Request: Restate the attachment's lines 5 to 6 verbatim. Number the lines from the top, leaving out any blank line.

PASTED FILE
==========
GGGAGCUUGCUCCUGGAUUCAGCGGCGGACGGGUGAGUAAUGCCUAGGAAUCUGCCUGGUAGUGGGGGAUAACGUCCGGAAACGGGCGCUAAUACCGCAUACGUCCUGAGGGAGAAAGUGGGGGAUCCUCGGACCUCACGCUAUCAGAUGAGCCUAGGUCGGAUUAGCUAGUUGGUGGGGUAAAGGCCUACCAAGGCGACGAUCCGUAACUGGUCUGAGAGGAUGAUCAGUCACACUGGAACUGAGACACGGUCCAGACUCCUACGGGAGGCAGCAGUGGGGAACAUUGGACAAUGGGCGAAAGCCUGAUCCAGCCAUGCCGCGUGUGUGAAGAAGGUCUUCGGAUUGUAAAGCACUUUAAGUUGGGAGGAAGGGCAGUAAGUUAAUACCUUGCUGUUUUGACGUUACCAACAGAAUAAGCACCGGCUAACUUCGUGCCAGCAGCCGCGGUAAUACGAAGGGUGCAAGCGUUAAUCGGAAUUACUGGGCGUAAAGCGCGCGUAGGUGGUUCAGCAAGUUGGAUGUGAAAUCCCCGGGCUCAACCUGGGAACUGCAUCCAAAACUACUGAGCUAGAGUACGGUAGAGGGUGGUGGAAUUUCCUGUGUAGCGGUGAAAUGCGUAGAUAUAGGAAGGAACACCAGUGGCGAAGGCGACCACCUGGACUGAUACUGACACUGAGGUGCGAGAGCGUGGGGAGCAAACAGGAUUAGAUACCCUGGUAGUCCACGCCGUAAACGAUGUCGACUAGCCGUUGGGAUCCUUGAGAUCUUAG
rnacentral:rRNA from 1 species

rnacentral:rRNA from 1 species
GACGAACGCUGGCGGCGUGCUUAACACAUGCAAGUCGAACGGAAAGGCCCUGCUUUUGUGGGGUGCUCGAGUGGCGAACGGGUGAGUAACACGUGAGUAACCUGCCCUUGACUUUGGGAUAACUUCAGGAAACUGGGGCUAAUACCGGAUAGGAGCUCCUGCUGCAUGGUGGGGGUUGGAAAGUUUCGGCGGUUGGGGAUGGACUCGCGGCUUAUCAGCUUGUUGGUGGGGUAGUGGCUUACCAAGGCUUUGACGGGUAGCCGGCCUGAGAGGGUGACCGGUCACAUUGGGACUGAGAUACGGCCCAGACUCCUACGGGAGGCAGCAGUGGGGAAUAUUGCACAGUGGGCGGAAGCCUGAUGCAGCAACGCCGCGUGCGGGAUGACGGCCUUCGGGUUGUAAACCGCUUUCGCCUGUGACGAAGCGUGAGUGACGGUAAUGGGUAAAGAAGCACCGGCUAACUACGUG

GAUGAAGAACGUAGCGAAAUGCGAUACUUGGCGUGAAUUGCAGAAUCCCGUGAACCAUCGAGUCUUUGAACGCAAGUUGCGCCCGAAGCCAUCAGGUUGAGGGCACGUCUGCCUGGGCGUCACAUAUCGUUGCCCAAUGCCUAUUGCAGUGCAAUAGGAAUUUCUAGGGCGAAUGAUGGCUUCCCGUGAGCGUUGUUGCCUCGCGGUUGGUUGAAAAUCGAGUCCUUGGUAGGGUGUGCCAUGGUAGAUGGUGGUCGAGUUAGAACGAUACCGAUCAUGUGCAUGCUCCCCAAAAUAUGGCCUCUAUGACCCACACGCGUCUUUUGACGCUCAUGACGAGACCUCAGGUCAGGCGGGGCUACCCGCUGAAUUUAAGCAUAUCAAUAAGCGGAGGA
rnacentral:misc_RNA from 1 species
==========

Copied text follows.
GAUGAAGAACGUAGCGAAAUGCGAUACUUGGCGUGAAUUGCAGAAUCCCGUGAACCAUCGAGUCUUUGAACGCAAGUUGCGCCCGAAGCCAUCAGGUUGAGGGCACGUCUGCCUGGGCGUCACAUAUCGUUGCCCAAUGCCUAUUGCAGUGCAAUAGGAAUUUCUAGGGCGAAUGAUGGCUUCCCGUGAGCGUUGUUGCCUCGCGGUUGGUUGAAAAUCGAGUCCUUGGUAGGGUGUGCCAUGGUAGAUGGUGGUCGAGUUAGAACGAUACCGAUCAUGUGCAUGCUCCCCAAAAUAUGGCCUCUAUGACCCACACGCGUCUUUUGACGCUCAUGACGAGACCUCAGGUCAGGCGGGGCUACCCGCUGAAUUUAAGCAUAUCAAUAAGCGGAGGA
rnacentral:misc_RNA from 1 species